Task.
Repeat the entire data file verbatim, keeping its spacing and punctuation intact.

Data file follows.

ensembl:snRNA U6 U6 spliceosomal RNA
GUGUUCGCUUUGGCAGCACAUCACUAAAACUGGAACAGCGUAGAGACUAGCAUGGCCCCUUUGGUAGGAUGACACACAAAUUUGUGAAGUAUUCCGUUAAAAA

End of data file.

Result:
ensembl:snRNA U6 U6 spliceosomal RNA
GUGUUCGCUUUGGCAGCACAUCACUAAAACUGGAACAGCGUAGAGACUAGCAUGGCCCCUUUGGUAGGAUGACACACAAAUUUGUGAAGUAUUCCGUUAAAAA